“But in other programmes, where they are using their presenting skills, they get some meetings and scripts in advance and come for the shoot - and the production team do the preparation and post production and the relationship will be more fleeting.
“There are a huge variety of budgets in making TV – some programmes are high volume and low cost – and some single programmes are very expensive.”
To what extent is a production manager like a project manager?
“Production managers are project managers but with a partnership role alongside the editorial lead.
“It’s a genuine partnership and the editorial/creative lead simply can’t execute or plan a show without engaging creatively and then understanding the challenges his or her PM face and vice versa.
“It’s been a clear demarcation of roles in the past but has become more, and needs to continue to be, highly collaborative.
“A good PM will need to understand what the programme’s vision is, and work out a shooting and production schedule that delivers it.
“They’ll work with the editorial team to build a schedule that gets all the talent, team and locations covered, all the contracts signed, all the schedules worked out creatively and safely, all the post production booked and so on.
“It’s a great role and increasingly is becoming more creative and more editorial focused.”
How do you manage stakeholder expectations?
“Prior to any production actually starting there is a contract, and part of that is an Editorial Specification that is agreed with the people paying for the show.
“So that agreement is fairly comprehensive and if you have co production it may vary from partner to partner and require certain different “deliverables” to be made which need to be scheduled.
“A BBC show may have a presenter and be 59 minutes long with no commercials, but a German or American co producer will need a version with no presenter that is 90 minutes long so they can make two 45 minute versions to accommodate their advertising breaks.
“You can’t just wing differences like that – they have to be planned and extra shooting and editing has to happen with a different thought process about the structure.
“These things get decided in advance, but if something changes – which they frequently do with regards to presenters, locations and access - then you need to go back and discuss this with the commissioner and agree a change to that Editorial Specification contract.”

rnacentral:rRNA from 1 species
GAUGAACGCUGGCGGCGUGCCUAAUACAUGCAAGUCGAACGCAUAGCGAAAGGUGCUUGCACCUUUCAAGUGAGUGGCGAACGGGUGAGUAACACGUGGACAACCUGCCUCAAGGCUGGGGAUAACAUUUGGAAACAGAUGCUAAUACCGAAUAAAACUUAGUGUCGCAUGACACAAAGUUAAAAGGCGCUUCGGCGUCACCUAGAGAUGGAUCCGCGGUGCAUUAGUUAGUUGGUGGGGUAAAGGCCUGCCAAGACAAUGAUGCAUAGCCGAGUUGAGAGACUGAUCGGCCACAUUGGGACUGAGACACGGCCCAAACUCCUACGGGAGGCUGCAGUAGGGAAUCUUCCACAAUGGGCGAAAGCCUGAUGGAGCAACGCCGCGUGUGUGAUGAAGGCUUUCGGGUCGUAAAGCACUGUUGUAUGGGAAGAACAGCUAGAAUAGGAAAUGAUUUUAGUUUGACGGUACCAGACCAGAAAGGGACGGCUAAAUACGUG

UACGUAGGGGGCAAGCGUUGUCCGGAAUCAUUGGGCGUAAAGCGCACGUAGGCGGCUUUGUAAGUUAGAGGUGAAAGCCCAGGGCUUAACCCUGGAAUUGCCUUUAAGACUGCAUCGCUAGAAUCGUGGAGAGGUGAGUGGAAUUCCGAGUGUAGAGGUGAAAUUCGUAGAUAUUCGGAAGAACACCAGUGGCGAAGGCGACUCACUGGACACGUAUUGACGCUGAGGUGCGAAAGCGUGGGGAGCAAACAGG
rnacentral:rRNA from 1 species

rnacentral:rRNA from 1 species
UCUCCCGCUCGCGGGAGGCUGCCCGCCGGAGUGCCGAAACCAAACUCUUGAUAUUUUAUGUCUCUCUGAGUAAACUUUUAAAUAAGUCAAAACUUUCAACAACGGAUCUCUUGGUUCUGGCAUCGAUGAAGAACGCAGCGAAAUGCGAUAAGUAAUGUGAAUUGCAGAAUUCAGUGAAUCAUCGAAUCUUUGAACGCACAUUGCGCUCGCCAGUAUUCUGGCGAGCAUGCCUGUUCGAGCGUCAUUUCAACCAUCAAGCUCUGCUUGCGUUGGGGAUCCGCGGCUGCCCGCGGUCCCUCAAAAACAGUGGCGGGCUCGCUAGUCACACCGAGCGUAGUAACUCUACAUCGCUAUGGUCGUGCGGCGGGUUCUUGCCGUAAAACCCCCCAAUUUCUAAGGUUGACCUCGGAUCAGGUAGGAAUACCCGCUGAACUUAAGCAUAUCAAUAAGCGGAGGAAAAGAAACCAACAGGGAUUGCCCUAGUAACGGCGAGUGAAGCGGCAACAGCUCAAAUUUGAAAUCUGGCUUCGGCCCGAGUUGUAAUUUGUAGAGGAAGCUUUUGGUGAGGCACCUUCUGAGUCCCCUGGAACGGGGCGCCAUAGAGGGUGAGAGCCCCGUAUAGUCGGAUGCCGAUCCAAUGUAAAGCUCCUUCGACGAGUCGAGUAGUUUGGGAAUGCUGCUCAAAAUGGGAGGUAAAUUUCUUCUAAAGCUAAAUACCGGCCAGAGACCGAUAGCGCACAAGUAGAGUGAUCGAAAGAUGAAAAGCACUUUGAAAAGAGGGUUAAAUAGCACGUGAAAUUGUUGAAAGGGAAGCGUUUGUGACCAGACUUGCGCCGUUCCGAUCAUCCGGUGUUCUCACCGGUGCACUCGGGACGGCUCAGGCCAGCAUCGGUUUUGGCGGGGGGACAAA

How has technology altered the way TV is produced since you started your career?
“Completely. I started my career in TV news on film that needed to be at the processors by 16:30 to make the six o’clock news cast.
“The biggest change digital technology has brought is changing roles - directors now frequently shoot material themselves.
“Tapeless – using card not film or tape - has revolutionised the whole schedule of production and continues to do so.
“New technology is a constantly exciting creative opportunity but it also comes with a risk.
“If people get cool new stuff, they use it –often to the point of exhaustion.
“The ability for someone to do many roles such as assistant produce, shoot, direct, edit, download and organise and view rushes on location with a laptop, doesn’t necessarily mean they SHOULD do all those roles at once - exhaustion is not an efficient way to make TV or anything else.
“Productions need to be mindful of how the arc of the schedule changes when the technology changes and alter them accordingly, for example something that might have required two weeks viewing after the shoot may now happen simultaneously on location.”
Can you see any big changes technology might bring to the industry in the coming years?
“Technology can also be liberating and bring in different ways of doing things and open the industry to different and more diverse mind sets which is always a good thing.
“Our culture wants it all - we are savvy and want big blockbusters as well as short videos, we want to watch event TV like a talent show when it’s scheduled but also whenever it suits us and the industry is changing its nature in order to provide that.”
What has been the most rewarding project you’ve worked on and why?
“The most rewarding projects have been the international current affairs documentaries made for This World by the BBC.
“It was a privilege to have the money to explore some of the most difficult challenges on the planet – like child slavery or people affected by war, or extremism, or the drug trade.
“The most enjoyable side of non current affairs were when we found a different way of making something, a cool new piece of technology or a really brilliant new idea from a team coming together.
“That’s why development is such a great thing to do and a great place to work – anything is possible.”
What lesson would you tell you 16 year old self?
“Be less scared. Just get on with it without asking for permission. Listen more.”